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First Look: Large Shared Trash Containers Arrive in Harlem as Part of a City Pilot

Updated: Sep 21, 2023

Large Shared Trash Containers Arrive in Harlem as Part of a City Pilot
New shared trash containers for residents on 152nd Street.

New large shared trash containers have arrived in Harlem.

The Department of Sanitation has begun installing the rat-proof waste bins, part of a city pilot announced in April, on around 11 residential blocks and 14 public schools around Manhattan Community Board 9 this fall.

The goal of the wheeled dumpsters is to prevent garbage from piling up on sidewalks—tasty magnets for rats.

Some of the first new containers were placed in front of P.S./I.S. 210 on W 152nd Street between Amsterdam Avenue and Broadway in August. Used exclusively by the school, they include three for trash; one for metal, glass, and plastic; two for paper and cardboard; and two for compost.

Since then shorter rows of shared trash containers—five sets containing two or three bins—have been installed for residents along the same street. The residential pilot area will eventually stretch from W 153rd to 142nd Streets between Broadway and Amsterdam Avenue in Hamilton Heights.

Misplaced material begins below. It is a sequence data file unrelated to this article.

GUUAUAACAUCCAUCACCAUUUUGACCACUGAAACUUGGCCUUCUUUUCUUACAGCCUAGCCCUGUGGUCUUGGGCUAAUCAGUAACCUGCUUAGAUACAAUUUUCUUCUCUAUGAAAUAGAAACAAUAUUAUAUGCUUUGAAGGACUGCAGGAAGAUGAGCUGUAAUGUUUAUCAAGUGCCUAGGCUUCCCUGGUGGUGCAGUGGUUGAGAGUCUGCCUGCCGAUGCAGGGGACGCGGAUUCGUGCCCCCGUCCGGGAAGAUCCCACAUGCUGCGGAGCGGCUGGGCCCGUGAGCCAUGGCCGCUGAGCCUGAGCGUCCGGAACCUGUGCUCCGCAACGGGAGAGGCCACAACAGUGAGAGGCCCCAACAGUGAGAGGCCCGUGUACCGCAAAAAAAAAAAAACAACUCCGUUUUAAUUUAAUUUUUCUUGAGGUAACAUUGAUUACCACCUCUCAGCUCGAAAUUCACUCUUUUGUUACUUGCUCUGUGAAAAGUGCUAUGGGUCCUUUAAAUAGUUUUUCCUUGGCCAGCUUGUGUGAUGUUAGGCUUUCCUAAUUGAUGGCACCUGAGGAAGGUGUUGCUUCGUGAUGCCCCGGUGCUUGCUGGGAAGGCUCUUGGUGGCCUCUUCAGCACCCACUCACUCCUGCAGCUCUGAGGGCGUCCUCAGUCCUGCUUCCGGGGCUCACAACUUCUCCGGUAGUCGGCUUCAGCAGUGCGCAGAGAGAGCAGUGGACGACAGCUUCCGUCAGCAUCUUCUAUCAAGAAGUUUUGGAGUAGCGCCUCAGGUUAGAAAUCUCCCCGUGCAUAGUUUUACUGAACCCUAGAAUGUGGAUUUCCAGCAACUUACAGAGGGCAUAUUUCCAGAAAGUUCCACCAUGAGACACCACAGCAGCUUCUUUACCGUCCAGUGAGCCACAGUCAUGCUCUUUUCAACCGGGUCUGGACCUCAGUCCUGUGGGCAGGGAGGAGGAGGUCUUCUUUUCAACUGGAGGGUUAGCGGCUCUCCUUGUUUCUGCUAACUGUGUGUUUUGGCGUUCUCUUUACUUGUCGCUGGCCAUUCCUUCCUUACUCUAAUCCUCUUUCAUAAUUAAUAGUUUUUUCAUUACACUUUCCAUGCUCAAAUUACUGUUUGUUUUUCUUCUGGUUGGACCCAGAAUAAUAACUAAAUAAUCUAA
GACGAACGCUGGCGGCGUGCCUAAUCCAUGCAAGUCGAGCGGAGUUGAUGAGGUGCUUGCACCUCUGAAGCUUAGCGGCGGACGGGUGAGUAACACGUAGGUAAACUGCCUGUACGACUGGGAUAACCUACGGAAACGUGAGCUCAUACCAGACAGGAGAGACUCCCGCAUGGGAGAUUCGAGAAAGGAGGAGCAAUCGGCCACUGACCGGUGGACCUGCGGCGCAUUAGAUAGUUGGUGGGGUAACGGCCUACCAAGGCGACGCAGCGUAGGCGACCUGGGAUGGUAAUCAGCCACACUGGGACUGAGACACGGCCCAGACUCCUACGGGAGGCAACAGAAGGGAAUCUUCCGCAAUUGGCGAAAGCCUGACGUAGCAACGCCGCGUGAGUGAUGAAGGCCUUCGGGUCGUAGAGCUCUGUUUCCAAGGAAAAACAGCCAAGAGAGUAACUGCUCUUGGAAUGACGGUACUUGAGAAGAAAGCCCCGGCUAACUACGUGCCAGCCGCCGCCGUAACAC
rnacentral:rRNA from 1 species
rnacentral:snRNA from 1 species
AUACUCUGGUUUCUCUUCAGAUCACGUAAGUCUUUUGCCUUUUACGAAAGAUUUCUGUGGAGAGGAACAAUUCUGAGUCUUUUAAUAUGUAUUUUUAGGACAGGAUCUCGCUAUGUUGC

NYC's Curbside Trash Containers Have Arrived in Harlem
A row of curbside trash containers in front of P.S./I.S. 210 on W 152nd St

Each rodent-proof bin is 8 feet long, kept in place by a U-shaped yellow barrier bolted to the street. Sanitation trucks will collect trash from the containers six days a week.

Notices from the Department of Sanitation posted on the streets with the containers include some basic information about the bins, but virtual training sessions are also taking place in September (two more remain on the 19th and 28th) at

Notices posted on the streets getting the bins.

The city had said four shared containers would take up about 1.6 parking spaces, but local resident Jeremy Kushnier estimates the eight containers have gobbled up five parking spaces.

A vocal critic on Instagram, Kushnier is also concerned about how effectively street cleaners will sweep around the plastic dumpsters, calling them "a bandaid on a bullet wound."

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